One Shot, One Kill: Targeted Self-Development

First thing every morning, I scan the “Twittersphere” for the latest and greatest thoughts and resources.  I recently came across an article by Jennifer Sertl, in which she promotes a self-knowledge exercise she calls your “Elite 18.” Simply stated, it’s a self-developed listing of those individuals outside of your current peer group from whom you drawn inspiration and aspiration. It’s a great idea, particularly as a foundation for targeting your own development, both from a knowledge standpoint, but also with regard to articulating the type of person and professional you’d like to be.

One of the hurdles of self development is knowing how best to winnow down the multitude of topics and knowledge areas from which we could individually grow. Too often, without a true sense of where our own skills, interests, and passions lie, we turn to the book du jour, recommended on the pages of our favorite professional periodicals and websites. Not that this is a bad way of staying on top of the latest trends and ideas in our field. But it’s frequently a vine that quickly whithers when our interest wanes or the next popular idea emerges. Then it’s back to square one.

The fact is, there are more books, articles, YouTube videos, and TED talks than most of us can get through. Sure, we can take a shotgun approach to which ones we pick up, or we can adopt a more strategic approach. We can become self-development snipers, honing a “one shot, one kill” accuracy to where and how we grow professionally and intellectually.

Whether using an approach like Ms. Sertl describes or not, it is useful to spend time up front determining where you can get the biggest bang for your buck…and your buck is typically an effort and energy resource.

So, your challenge over the next week is this:

  • Block out time – I’ve said it before. Don’t take for granted that you’ll find time throughout the week for this. Actually at least 30 minutes on your calendar and stick to it!
  • Create your own “Elite 18” – These can be living or deceased people. The point is to identify those individuals who engender aspects of life to which you aspire.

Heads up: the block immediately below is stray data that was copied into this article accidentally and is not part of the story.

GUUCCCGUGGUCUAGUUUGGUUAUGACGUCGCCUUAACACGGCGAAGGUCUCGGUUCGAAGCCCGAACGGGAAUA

or, if the “Elite 18” doesn’t appeal to you…..

  • Hold a personal brainstorm – Allow your focus to alternate between professional ideals and goals and personal attributes toward which you want to move.
  • Research thought leaders – Instead of casting a wide net, target the individuals or ideals you identified to determine the action planning needed to become the person you want to be.
  • Schedule regular self-development time – Put time each week toward self-development. Aim for an hour every three days as a minimum. Spend this time reading, watching noteworthy talks and presentations, and listening to podcasts. But make sure the resources you choose move you in the direction of your self-development goals.
  • Hold yourself accountable – Many of us establish placeholders on our calendars, but too often allow other “priorities” to bump these reserved times. Nothing will hold more long-term value than your own self-development. So, make it your #1 priority, and stick with it. The rest of your calendar will benefit from your dedicated, and continuous learning.

Despite the myriad of great new books and trends that emerge nearly weekly, pay attention only to those that move you personally and professionally toward your individual self-development goals.  Trust me, if the rest are that impactful, others around you will educate you as to their meaning.

Remember, one shot….one kill.  So, put down the information shotgun and become a self-development sniper!

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